It seems like every day we hear or read something in the news about the emotional toll that COVID is having on people. For children of all ages, the isolation of sitting alone in an online class is causing depression and anxiety in kids who have never before suffered from either. They may be physically safer by attending classes from their bedrooms, but emotionally, many are flailing. I have had more calls from parents about their children shutting down, refusing to engage in school at all remotely, and in same cases, even in person. The damage this is causing is likely more profound than any of us realizes.
The question I get most often is, “Is there anything the school can do for my child who now has anxiety?” Fortunately, the answer is yes. Unfortunately, it is often not as easy as flipping a switch.
Even if your child does not currently receive special education services, he or she may still benefit from resources at the school. If the anxiety or depression is preventing the child from engaging, as a parent, you have the right to ask the school to conduct a psychological evaluation. This is the beginning of the eligibility process to determine if your child requires direct services to access the curriculum. After you consent to the evaluation, the district has 45 school days to conduct the evaluation and meet with you to go over the results in what is known as a “team meeting.” If the team determines that your child does need additional services or support, then the district will create an individual education program (“IEP”) for your child, which will outline exactly what your child needs to participate academically.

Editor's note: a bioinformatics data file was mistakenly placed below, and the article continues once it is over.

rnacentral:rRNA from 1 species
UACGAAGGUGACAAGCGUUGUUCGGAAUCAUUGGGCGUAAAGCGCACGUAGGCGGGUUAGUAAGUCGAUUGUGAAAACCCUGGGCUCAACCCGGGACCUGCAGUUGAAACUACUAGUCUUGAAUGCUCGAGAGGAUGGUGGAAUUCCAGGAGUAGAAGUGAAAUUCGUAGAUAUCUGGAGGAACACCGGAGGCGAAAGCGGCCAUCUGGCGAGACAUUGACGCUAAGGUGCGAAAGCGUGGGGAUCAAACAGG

If your child does not qualify for an IEP, or you do not wish to have him or her formally assessed, you can contact your school’s guidance counselor (or special education department) to discuss creating a 504 plan. A 504 plan, while a legal document, does not have as many protections as an IEP does, but it still must be followed. Whereas an IEP allows for modifications to a student’s schedule and education, a 504 allows only for accommodations. For a student with anxiety, these might include access to a guidance counselor or trusted staff member as needed, access to a quiet room or space to take tests, frequent check-ins by classroom teacher, and permission to wear noise-cancelling headphones.
What is important to note is that your child does not have to suffer silently. Find out what your child needs, and ask for it. In some cases, it may be a simple accommodation, like an extra movement break. If you have questions about your child’s educational needs, contact Holly Lynch Law today.